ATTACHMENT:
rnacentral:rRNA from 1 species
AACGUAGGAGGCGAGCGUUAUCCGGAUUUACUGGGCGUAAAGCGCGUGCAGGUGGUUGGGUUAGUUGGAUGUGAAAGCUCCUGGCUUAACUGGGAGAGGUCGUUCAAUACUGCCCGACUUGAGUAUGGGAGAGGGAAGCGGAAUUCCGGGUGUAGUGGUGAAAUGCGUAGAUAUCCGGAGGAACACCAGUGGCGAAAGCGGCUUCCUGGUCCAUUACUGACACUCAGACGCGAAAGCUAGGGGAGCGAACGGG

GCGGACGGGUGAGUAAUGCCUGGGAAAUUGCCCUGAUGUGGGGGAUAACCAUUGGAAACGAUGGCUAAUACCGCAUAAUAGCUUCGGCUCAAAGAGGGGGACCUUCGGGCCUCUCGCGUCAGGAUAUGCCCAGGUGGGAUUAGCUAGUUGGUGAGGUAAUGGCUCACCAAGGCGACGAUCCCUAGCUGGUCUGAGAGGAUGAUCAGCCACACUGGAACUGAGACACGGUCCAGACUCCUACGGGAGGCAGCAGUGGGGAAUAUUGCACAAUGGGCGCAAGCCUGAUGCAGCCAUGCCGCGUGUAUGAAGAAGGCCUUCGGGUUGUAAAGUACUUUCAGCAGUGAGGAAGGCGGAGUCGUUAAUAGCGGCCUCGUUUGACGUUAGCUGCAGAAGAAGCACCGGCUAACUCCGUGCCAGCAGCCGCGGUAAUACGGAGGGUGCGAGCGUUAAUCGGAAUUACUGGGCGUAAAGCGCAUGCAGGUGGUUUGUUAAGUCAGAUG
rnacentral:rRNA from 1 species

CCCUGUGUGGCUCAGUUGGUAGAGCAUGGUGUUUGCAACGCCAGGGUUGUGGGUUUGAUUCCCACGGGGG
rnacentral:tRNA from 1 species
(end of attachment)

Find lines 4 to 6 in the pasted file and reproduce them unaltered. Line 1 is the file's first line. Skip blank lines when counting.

rnacentral:rRNA from 1 species

CCCUGUGUGGCUCAGUUGGUAGAGCAUGGUGUUUGCAACGCCAGGGUUGUGGGUUUGAUUCCCACGGGGG
rnacentral:tRNA from 1 species